Wine Agriculture - From Farm Juice to Liquid Art

Wine is fermented grape juice, a natural farm product reflecting a specific place and time.

Beer doesn’t have vintages, or appellations of origin. Nor do spirits. Wine has both, since each year is different and each vineyard unique. In fact, today there are  269 American Viticultural Areas throughout 34 states, and even within them each site varies by soil, slope, and sunshine.

Wine is defined by its “terroir” and shaped by the decisions of grape growers and winemakers. It is farm juice transformed into liquid art, and along the way employs millions of people and fuels the economy from vine to glass. It also preserves agricultural land and transforms it into a beautiful landscape attracting millions of visitors.

Growing grapes is capital intensive, labor intensive, and risky. Unlike row crops which can be rotated each year, planting a grape vine is a commitment to the future. It doesn’t even bear fruit (i.e., cash) for several years, demands nearly year-round tending, and is subject to the vagaries of nature—late frosts, droughts, wildfires, and more. It’s an agricultural gamble fueled by passion.

The raw materials for beer and spirits can be farmed almost entirely by machine, stored almost anywhere, and sourced almost anytime. Grapes demand human labor, ripen just once a year, and must be harvested when they’re ready—not necessarily when it’s convenient. Harvest is just the culmination of a year of pruning, tying, and tending in various ways throughout most of the year.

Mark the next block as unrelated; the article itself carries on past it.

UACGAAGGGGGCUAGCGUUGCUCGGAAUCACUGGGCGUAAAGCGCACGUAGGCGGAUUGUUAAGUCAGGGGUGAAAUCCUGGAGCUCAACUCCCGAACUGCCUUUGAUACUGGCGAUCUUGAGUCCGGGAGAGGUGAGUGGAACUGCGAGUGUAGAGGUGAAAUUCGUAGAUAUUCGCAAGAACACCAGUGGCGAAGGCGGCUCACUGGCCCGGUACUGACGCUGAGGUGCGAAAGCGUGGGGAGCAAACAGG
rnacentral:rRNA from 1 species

The human connection means thousands of American jobs in Agriculture: 55,902 in independent vineyards, 44,079 in suppliers of agricultural products, and 9,194 in local communities—109,175 in total in 2022.

The American wine industry is focused intensively on sustainability—economic, environmental, and social—as responsible citizens and stewards of the Earth. For decades individual wineries, trade associations and educational institutions have developed programs to protect and enhance farmland, water, and other parts of the environment we need and cherish.

The importance of grapes and wine on the American economy is clear from some government facts and statistics:

–Grapes are the highest value fruit crop in the U.S., and represent 36% of the value of non-citrus fruit crops

–There are nearly one million acres of grapes planted for wine, juice, and fresh fruit

–The overall value of all grapes recently exceeded $6.5 billion

–Total U.S. grapes harvested in 2021 were 6.05 million tons, including 5.75 million tons in California

–California produced 3.6 million tons of wine grapes in 2022

–The U.S. produced more than 900 million gallons of wine in 2017, 85% from California

–The U.S. produces 12% of the world’s wine, and is #1 in total wine consumption

Wine country tourism also fuels the agricultural economy, with nearly 50 million tourists and $17 billion in tourist expenditures in 2022, supporting 155,035 jobs and filling local tax coffers in all 50 states. There are very few  products where the consumers want to visit the place where it all originated—to stroll through the vineyards, see a wine cellar, and meet the people who created the wine.

That humble grape juice is liquid gold.